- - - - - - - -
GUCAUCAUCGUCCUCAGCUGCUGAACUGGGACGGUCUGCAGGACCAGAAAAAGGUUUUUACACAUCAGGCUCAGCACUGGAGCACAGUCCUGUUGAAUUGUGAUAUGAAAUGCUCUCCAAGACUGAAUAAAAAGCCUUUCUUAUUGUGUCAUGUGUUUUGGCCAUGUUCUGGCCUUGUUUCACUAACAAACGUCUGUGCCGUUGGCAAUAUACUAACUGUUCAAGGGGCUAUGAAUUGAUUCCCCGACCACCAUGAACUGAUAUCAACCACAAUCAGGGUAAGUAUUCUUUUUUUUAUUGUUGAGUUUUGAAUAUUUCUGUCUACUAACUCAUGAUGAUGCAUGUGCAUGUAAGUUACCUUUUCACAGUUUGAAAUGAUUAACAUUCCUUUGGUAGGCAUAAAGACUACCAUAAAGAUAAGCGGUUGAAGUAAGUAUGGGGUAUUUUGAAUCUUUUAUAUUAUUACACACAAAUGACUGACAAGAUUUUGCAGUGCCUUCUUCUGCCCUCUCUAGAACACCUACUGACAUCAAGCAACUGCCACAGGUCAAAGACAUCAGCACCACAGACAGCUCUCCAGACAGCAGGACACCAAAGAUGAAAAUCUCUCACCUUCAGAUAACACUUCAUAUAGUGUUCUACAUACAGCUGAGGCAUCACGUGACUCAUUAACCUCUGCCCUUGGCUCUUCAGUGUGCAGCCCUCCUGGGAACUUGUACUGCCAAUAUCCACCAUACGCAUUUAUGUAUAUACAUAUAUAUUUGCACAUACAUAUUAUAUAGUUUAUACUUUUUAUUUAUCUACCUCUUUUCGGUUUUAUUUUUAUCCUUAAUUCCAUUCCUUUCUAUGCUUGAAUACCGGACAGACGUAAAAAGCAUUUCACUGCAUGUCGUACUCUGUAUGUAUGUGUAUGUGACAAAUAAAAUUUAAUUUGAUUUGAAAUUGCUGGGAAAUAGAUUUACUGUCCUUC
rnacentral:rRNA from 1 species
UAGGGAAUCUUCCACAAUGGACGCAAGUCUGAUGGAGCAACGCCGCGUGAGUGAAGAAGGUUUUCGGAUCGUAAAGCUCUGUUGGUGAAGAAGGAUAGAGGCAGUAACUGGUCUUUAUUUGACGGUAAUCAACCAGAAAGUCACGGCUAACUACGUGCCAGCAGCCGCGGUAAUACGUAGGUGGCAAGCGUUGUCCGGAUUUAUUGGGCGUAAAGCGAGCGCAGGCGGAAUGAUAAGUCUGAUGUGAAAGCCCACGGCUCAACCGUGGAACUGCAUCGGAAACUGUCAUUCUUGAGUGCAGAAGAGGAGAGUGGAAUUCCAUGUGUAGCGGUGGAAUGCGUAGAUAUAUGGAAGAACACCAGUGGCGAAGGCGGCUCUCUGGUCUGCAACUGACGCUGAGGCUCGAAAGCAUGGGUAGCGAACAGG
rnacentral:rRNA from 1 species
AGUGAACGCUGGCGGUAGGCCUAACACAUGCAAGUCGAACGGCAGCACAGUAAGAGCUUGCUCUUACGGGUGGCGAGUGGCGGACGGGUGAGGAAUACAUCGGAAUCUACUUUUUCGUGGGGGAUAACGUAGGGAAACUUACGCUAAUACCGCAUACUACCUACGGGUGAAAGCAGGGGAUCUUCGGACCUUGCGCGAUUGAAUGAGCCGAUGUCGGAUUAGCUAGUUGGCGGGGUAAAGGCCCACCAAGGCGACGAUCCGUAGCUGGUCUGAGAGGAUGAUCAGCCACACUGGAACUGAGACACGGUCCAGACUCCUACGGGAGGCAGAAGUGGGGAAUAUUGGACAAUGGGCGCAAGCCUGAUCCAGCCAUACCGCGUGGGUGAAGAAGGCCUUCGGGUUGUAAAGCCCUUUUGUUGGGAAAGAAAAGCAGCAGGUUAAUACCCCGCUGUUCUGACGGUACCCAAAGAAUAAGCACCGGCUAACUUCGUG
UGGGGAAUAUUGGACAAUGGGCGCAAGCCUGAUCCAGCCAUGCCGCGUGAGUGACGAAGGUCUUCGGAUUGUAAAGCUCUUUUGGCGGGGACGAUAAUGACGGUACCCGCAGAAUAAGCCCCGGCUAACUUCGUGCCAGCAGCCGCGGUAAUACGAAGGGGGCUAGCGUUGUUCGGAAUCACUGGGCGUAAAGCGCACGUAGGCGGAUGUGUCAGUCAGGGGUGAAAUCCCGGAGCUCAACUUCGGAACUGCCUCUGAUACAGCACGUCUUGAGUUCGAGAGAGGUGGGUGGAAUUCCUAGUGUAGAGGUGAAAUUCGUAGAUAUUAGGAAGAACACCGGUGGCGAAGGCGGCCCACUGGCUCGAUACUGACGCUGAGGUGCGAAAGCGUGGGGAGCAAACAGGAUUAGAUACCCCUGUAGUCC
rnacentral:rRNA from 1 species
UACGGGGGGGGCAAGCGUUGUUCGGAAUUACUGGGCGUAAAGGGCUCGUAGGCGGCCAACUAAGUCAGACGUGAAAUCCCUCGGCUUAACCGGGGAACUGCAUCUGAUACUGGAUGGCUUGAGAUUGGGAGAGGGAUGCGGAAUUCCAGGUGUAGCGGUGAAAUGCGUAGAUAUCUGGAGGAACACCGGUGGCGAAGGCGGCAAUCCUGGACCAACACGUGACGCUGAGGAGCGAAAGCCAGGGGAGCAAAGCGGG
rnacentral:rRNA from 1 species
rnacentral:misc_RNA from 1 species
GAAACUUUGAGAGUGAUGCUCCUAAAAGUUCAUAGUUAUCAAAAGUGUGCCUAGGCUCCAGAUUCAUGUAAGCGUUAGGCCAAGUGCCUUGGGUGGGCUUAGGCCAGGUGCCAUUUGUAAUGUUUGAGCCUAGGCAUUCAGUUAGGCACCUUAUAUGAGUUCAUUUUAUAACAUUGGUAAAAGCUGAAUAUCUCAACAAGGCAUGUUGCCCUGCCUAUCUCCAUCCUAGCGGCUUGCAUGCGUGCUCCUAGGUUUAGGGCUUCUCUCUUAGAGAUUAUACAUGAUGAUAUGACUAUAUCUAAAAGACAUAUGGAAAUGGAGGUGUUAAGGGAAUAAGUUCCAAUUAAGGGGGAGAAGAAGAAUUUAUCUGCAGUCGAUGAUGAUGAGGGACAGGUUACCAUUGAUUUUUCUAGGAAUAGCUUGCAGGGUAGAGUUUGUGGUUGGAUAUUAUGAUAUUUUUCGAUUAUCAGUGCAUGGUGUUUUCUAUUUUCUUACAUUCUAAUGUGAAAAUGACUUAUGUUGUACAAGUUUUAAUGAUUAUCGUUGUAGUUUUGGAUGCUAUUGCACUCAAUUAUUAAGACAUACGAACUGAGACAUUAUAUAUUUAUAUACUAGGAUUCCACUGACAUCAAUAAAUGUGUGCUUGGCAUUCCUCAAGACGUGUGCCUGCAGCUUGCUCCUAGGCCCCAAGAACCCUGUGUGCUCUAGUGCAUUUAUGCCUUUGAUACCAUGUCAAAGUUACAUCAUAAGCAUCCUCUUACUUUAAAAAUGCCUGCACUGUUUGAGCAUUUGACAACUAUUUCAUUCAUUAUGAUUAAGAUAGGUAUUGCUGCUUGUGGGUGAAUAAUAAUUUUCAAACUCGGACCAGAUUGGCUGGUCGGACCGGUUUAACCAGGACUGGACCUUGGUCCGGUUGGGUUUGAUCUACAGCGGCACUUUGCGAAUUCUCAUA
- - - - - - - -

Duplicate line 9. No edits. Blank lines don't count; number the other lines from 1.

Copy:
rnacentral:rRNA from 1 species